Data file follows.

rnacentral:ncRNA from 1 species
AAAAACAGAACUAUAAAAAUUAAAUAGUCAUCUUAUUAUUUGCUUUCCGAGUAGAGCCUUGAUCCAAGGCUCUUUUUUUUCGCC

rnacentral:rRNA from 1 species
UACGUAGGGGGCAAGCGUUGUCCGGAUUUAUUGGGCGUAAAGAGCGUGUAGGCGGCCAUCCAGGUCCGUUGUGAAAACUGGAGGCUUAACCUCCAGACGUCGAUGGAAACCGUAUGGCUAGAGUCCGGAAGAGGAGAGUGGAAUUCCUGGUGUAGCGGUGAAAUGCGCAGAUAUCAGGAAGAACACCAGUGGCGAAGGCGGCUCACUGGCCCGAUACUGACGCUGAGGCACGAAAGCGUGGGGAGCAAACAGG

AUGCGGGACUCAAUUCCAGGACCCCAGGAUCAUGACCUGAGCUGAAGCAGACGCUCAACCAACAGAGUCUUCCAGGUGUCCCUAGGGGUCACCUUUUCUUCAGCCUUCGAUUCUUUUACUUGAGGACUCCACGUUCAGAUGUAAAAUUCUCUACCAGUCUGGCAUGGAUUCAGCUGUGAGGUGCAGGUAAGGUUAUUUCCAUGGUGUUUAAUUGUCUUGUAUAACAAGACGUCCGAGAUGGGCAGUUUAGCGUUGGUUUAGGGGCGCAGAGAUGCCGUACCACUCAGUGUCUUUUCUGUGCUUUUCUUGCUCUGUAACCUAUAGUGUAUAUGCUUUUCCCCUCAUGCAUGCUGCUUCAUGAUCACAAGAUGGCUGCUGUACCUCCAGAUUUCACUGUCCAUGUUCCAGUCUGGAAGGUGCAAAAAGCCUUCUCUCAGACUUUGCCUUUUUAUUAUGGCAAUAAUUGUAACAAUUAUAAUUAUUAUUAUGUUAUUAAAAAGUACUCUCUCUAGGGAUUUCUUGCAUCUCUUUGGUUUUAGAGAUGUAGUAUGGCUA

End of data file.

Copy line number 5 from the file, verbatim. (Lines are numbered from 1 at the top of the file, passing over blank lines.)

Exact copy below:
AUGCGGGACUCAAUUCCAGGACCCCAGGAUCAUGACCUGAGCUGAAGCAGACGCUCAACCAACAGAGUCUUCCAGGUGUCCCUAGGGGUCACCUUUUCUUCAGCCUUCGAUUCUUUUACUUGAGGACUCCACGUUCAGAUGUAAAAUUCUCUACCAGUCUGGCAUGGAUUCAGCUGUGAGGUGCAGGUAAGGUUAUUUCCAUGGUGUUUAAUUGUCUUGUAUAACAAGACGUCCGAGAUGGGCAGUUUAGCGUUGGUUUAGGGGCGCAGAGAUGCCGUACCACUCAGUGUCUUUUCUGUGCUUUUCUUGCUCUGUAACCUAUAGUGUAUAUGCUUUUCCCCUCAUGCAUGCUGCUUCAUGAUCACAAGAUGGCUGCUGUACCUCCAGAUUUCACUGUCCAUGUUCCAGUCUGGAAGGUGCAAAAAGCCUUCUCUCAGACUUUGCCUUUUUAUUAUGGCAAUAAUUGUAACAAUUAUAAUUAUUAUUAUGUUAUUAAAAAGUACUCUCUCUAGGGAUUUCUUGCAUCUCUUUGGUUUUAGAGAUGUAGUAUGGCUA